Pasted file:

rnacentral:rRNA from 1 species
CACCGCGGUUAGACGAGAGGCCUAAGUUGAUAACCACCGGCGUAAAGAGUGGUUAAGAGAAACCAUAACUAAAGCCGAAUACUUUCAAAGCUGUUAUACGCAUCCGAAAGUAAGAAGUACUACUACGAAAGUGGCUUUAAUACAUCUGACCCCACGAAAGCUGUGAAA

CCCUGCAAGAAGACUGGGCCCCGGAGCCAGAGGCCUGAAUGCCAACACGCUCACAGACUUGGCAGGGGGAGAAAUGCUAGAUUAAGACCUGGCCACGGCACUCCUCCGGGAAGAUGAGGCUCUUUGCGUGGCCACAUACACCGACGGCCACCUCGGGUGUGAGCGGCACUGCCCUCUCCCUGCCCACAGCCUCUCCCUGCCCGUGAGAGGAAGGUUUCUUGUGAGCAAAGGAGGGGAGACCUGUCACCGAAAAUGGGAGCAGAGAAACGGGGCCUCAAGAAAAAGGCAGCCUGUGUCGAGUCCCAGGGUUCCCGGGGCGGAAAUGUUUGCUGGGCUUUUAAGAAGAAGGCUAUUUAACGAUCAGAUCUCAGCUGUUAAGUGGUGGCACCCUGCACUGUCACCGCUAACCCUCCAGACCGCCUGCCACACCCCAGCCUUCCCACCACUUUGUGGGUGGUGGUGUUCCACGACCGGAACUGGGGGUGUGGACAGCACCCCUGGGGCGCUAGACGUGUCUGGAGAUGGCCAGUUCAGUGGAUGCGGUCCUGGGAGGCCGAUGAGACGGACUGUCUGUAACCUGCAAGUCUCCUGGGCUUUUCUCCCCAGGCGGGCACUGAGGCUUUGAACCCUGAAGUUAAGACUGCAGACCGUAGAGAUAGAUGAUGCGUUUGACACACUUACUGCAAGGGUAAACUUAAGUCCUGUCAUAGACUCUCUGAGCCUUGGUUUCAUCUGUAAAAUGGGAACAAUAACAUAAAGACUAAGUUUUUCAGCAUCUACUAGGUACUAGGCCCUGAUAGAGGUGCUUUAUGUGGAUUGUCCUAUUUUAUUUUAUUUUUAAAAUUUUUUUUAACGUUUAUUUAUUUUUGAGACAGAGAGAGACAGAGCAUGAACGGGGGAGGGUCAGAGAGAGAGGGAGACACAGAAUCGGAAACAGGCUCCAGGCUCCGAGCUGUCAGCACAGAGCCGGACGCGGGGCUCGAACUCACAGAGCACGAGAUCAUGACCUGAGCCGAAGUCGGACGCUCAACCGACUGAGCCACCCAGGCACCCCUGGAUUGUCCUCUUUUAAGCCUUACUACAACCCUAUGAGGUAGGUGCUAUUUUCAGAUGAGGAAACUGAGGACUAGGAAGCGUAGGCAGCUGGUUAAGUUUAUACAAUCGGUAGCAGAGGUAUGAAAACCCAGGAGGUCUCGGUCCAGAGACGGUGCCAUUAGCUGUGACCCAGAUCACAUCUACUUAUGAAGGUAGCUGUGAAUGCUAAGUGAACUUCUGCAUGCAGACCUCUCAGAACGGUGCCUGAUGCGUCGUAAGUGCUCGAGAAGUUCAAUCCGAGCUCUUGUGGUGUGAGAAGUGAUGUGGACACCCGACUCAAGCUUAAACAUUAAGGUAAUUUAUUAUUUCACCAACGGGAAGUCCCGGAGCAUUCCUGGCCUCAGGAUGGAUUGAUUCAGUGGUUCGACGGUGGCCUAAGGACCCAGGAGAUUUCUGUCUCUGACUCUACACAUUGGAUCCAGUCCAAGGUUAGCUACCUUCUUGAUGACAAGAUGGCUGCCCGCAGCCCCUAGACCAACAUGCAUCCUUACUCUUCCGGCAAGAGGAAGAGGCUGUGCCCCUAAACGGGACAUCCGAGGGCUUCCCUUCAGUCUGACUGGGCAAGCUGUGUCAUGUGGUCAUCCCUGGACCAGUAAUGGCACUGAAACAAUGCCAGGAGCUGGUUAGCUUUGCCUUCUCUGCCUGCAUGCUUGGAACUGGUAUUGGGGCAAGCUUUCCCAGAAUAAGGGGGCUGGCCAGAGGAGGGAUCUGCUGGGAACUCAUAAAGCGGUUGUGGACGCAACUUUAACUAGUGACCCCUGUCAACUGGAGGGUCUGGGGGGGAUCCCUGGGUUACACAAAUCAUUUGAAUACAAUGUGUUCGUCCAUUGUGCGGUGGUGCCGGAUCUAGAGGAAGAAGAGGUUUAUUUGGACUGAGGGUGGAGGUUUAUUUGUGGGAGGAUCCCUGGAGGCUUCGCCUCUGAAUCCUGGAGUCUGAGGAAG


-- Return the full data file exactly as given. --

rnacentral:rRNA from 1 species
CACCGCGGUUAGACGAGAGGCCUAAGUUGAUAACCACCGGCGUAAAGAGUGGUUAAGAGAAACCAUAACUAAAGCCGAAUACUUUCAAAGCUGUUAUACGCAUCCGAAAGUAAGAAGUACUACUACGAAAGUGGCUUUAAUACAUCUGACCCCACGAAAGCUGUGAAA

CCCUGCAAGAAGACUGGGCCCCGGAGCCAGAGGCCUGAAUGCCAACACGCUCACAGACUUGGCAGGGGGAGAAAUGCUAGAUUAAGACCUGGCCACGGCACUCCUCCGGGAAGAUGAGGCUCUUUGCGUGGCCACAUACACCGACGGCCACCUCGGGUGUGAGCGGCACUGCCCUCUCCCUGCCCACAGCCUCUCCCUGCCCGUGAGAGGAAGGUUUCUUGUGAGCAAAGGAGGGGAGACCUGUCACCGAAAAUGGGAGCAGAGAAACGGGGCCUCAAGAAAAAGGCAGCCUGUGUCGAGUCCCAGGGUUCCCGGGGCGGAAAUGUUUGCUGGGCUUUUAAGAAGAAGGCUAUUUAACGAUCAGAUCUCAGCUGUUAAGUGGUGGCACCCUGCACUGUCACCGCUAACCCUCCAGACCGCCUGCCACACCCCAGCCUUCCCACCACUUUGUGGGUGGUGGUGUUCCACGACCGGAACUGGGGGUGUGGACAGCACCCCUGGGGCGCUAGACGUGUCUGGAGAUGGCCAGUUCAGUGGAUGCGGUCCUGGGAGGCCGAUGAGACGGACUGUCUGUAACCUGCAAGUCUCCUGGGCUUUUCUCCCCAGGCGGGCACUGAGGCUUUGAACCCUGAAGUUAAGACUGCAGACCGUAGAGAUAGAUGAUGCGUUUGACACACUUACUGCAAGGGUAAACUUAAGUCCUGUCAUAGACUCUCUGAGCCUUGGUUUCAUCUGUAAAAUGGGAACAAUAACAUAAAGACUAAGUUUUUCAGCAUCUACUAGGUACUAGGCCCUGAUAGAGGUGCUUUAUGUGGAUUGUCCUAUUUUAUUUUAUUUUUAAAAUUUUUUUUAACGUUUAUUUAUUUUUGAGACAGAGAGAGACAGAGCAUGAACGGGGGAGGGUCAGAGAGAGAGGGAGACACAGAAUCGGAAACAGGCUCCAGGCUCCGAGCUGUCAGCACAGAGCCGGACGCGGGGCUCGAACUCACAGAGCACGAGAUCAUGACCUGAGCCGAAGUCGGACGCUCAACCGACUGAGCCACCCAGGCACCCCUGGAUUGUCCUCUUUUAAGCCUUACUACAACCCUAUGAGGUAGGUGCUAUUUUCAGAUGAGGAAACUGAGGACUAGGAAGCGUAGGCAGCUGGUUAAGUUUAUACAAUCGGUAGCAGAGGUAUGAAAACCCAGGAGGUCUCGGUCCAGAGACGGUGCCAUUAGCUGUGACCCAGAUCACAUCUACUUAUGAAGGUAGCUGUGAAUGCUAAGUGAACUUCUGCAUGCAGACCUCUCAGAACGGUGCCUGAUGCGUCGUAAGUGCUCGAGAAGUUCAAUCCGAGCUCUUGUGGUGUGAGAAGUGAUGUGGACACCCGACUCAAGCUUAAACAUUAAGGUAAUUUAUUAUUUCACCAACGGGAAGUCCCGGAGCAUUCCUGGCCUCAGGAUGGAUUGAUUCAGUGGUUCGACGGUGGCCUAAGGACCCAGGAGAUUUCUGUCUCUGACUCUACACAUUGGAUCCAGUCCAAGGUUAGCUACCUUCUUGAUGACAAGAUGGCUGCCCGCAGCCCCUAGACCAACAUGCAUCCUUACUCUUCCGGCAAGAGGAAGAGGCUGUGCCCCUAAACGGGACAUCCGAGGGCUUCCCUUCAGUCUGACUGGGCAAGCUGUGUCAUGUGGUCAUCCCUGGACCAGUAAUGGCACUGAAACAAUGCCAGGAGCUGGUUAGCUUUGCCUUCUCUGCCUGCAUGCUUGGAACUGGUAUUGGGGCAAGCUUUCCCAGAAUAAGGGGGCUGGCCAGAGGAGGGAUCUGCUGGGAACUCAUAAAGCGGUUGUGGACGCAACUUUAACUAGUGACCCCUGUCAACUGGAGGGUCUGGGGGGGAUCCCUGGGUUACACAAAUCAUUUGAAUACAAUGUGUUCGUCCAUUGUGCGGUGGUGCCGGAUCUAGAGGAAGAAGAGGUUUAUUUGGACUGAGGGUGGAGGUUUAUUUGUGGGAGGAUCCCUGGAGGCUUCGCCUCUGAAUCCUGGAGUCUGAGGAAG